Commenters under our stories accuse them of being nothing more than Tories with another name, and the deputy premier ridiculed them as selling out their own values.

I get that a complete reversal, or removal of core values, would be seen as a betrayal of all the supporters who have been with a party since the beginning, but as I say in my column this week, there’s room for improvement. And if you think a losing party would keep going to voters with the exact same playbook election after election, you’re fooling yourself.

If the goal of your party is to win an election, you want a winning platform. But it has to be one that sticks with your core values. A complete killing of the Alberta Human Rights Commission may not have worked for the public, but let’s look at other reform. Or let’s do a better job of explaining the benefit of the original policy.

I have no issue with policy review. It’s natural to review policy.

What I take issue with is a party that says one thing during a campaign then does the opposite once elected. That’s unforgivable.

CTF debacle an example of poor Tory decision making

- March 6th, 2013

Which seems like a better PR strategy to you?

1. Let one of your opponents listen to your budget briefing, then let their comments get lost in the shuffle of opposition politicians and other groups. And do it under the guise of “we’re full.”

2. Refuse them entry for the first time in 20 years, deal with at least 24 hours of criticism over the decision, let someone else extend them the olive branch, then turn around and say a spot just opened up.

Sometimes it’s just best leave well enough alone.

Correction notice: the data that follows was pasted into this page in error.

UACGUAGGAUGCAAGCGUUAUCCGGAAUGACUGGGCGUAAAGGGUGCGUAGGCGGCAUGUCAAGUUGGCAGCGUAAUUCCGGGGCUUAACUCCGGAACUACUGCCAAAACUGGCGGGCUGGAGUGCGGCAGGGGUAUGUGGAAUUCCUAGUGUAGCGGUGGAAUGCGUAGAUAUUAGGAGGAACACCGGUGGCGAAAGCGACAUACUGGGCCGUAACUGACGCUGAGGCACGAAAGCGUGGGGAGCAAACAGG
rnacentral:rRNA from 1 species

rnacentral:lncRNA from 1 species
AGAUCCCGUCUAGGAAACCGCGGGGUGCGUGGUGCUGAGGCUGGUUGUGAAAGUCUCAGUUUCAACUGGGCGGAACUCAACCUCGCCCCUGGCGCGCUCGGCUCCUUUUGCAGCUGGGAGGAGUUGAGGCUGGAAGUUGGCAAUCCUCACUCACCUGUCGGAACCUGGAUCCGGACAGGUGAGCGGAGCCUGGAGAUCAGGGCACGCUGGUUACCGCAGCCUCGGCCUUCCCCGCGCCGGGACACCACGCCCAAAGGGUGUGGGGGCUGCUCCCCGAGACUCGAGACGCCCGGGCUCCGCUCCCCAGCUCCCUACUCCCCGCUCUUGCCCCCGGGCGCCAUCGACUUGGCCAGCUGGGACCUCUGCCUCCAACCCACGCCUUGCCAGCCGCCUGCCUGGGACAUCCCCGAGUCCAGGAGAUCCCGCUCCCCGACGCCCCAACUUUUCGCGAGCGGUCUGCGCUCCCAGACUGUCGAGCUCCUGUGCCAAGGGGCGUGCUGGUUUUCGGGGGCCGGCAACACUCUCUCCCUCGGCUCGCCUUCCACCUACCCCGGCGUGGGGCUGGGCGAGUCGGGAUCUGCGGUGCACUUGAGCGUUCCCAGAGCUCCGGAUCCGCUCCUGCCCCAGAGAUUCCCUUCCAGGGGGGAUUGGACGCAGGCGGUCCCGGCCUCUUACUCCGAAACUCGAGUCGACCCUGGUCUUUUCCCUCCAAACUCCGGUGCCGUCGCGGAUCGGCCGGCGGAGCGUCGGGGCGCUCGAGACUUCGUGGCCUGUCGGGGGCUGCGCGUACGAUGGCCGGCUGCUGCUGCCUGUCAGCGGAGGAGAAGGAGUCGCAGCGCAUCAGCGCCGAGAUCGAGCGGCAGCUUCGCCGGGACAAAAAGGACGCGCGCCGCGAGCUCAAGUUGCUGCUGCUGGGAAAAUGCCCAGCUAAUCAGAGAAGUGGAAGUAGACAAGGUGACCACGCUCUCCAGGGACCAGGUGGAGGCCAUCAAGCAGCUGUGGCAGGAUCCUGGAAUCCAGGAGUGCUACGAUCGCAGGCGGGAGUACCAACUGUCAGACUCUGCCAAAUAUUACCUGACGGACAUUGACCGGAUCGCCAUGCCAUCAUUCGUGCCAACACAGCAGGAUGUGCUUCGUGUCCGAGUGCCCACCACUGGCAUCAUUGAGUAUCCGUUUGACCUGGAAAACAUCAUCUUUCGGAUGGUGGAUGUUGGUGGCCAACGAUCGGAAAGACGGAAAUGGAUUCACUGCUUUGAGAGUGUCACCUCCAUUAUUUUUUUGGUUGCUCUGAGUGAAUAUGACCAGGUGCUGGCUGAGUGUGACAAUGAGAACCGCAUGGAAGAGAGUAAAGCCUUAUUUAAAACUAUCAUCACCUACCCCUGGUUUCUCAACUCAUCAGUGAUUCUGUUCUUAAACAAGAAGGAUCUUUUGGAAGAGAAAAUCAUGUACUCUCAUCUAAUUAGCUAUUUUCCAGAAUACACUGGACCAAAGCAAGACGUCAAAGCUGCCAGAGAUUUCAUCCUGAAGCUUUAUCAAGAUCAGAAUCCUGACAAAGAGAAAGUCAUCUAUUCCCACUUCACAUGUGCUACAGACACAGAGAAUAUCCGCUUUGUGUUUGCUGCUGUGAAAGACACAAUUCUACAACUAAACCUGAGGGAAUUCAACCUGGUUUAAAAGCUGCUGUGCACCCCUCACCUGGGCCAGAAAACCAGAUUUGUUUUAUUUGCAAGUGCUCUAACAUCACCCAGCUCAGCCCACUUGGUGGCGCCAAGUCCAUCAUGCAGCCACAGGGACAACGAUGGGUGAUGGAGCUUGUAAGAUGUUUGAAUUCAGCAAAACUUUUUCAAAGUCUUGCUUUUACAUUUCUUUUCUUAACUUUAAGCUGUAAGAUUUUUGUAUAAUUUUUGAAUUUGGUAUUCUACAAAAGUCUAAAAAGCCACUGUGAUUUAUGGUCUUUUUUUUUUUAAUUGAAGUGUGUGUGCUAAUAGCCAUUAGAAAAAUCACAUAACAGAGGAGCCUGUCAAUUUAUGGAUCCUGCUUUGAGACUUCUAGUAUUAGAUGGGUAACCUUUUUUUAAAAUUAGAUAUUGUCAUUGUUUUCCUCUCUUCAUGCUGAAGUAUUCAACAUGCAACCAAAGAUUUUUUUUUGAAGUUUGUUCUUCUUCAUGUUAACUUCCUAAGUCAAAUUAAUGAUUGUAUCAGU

That concept was lost on the Tories, who told officials with the Canadian Taxpayers Federation they would not be welcome at Thursday’s budget briefing.

Now, at the start of a legislature sitting, this would normally be a minor distraction, with a Speech from the Throne to get worked up over, and the normal sparring in question period.

But this isn’t a new session, with no new Throne Speech, no legislative agenda.

All the focus is on the budget and the Tories’ reputation as stewards of the public purse.

The CTF has long been critical of the PC government, so the ouster from the lockup is at best terrible optics and, at worst, it’s petty and punative.

Some would like to point out that left-wing labour groups have never been allowed into the budget lockup, so it’s only fair the right is getting its lumps.

Forget that other groups haven’t been allowed in, and forget that it’s an alleged “right-wing” distraction.

A group that routinely spars with the government, one that for 20 years got access to the budget lockup, was suddenly told “Sorry, no go.” If the left shoe were being kicked off, I’d find it baffling too.

The optics of it are terrible, especially in a contentious budget cycle where the specific group has been a thorn in the side of the government.